EASTERN ONTARIO — South Nation Conservation (SNC) is calling on interested contractors to submit bids to undertake sustainable harvesting operations this year.
For some, the notion of sustainably harvesting trees from forests may seem like an oxymoron and could naturally give the perception of environmental damage. But sustainable tree harvesting is part of managing the long-term health of forests and harvest operations are needed to help transform plantations into healthy, naturalized forests.
Prescriptions for tree harvesting follow long-term management plans prepared by SNC’s Forestry Team, which specify the number of trees that can be harvested per acre, and the frequency at which this can occur, based on the growth and regeneration rates of the species found in that ecosystem.
The purpose is to harvest in such a way that meets the needs of the local economy while allowing species the chance to regenerate and ensure that the forest’s overall ecological health is maintained, restored, or even enhanced. SNC’s harvesting prescriptions will vary by forest area and condition, but the minimum baseline is to usually keep 10 dead trees, 10 fruit trees, and 10 cavity trees in each hectare of a healthy forest.
In turn, this provides wildlife habitat, aesthetic appeal, recreational opportunities, forest products, protection from wildfire, and protects and enhances soil and water quality and native biodiversity.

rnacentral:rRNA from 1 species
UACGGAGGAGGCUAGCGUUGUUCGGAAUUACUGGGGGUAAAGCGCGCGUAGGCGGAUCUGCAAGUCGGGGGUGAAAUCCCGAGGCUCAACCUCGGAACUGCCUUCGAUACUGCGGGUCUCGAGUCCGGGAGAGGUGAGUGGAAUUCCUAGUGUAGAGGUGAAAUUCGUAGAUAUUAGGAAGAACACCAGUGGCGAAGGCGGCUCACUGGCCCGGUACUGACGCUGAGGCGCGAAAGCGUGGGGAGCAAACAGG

SNC does have forests protected through conservation easements which cannot be harvested, where nature is “allowed to run its course,” explains Pat Piitz, a Registered Professional Forester who manages the SNC and SDG Forests.
“But sustainable tree harvesting can emulate natural disturbance patterns to create sufficient habitat for a full range of species, which is extremely important as we’ve seen a decline in forest cover across the local landscape, and timber just so happens to be the by-product which meets the economic needs of society,” added Piitz.
The forests owned and managed by SNC for timber production receive an annual Forest Stewardship Council (FSC) certification, which ensures environmentally appropriate, socially beneficial, and economically viable management.
It is also normal for debris to be left on the forest floor; it may seem a little messy, but woody debris enhances wildlife habitat by providing additional sources of food and shelter, and its eventual decomposition adds nutrients to the soil.
“I would caution people against panicking when they visit one of our forests and notice that there is a harvesting operation underway,” said Piitz. “We are following best practices to ensure the long-term health of the forest for future generations and help contribute to our local economy.”
Current tender opportunities for both softwood and hardwood harvesting operations are now posted on the Conservation Authority’s website, with more to be added in the coming weeks and months. Interested contractors are invited to review information online for the competitive bidding process at www.nation.on.ca/about/job-opportunities-tenders.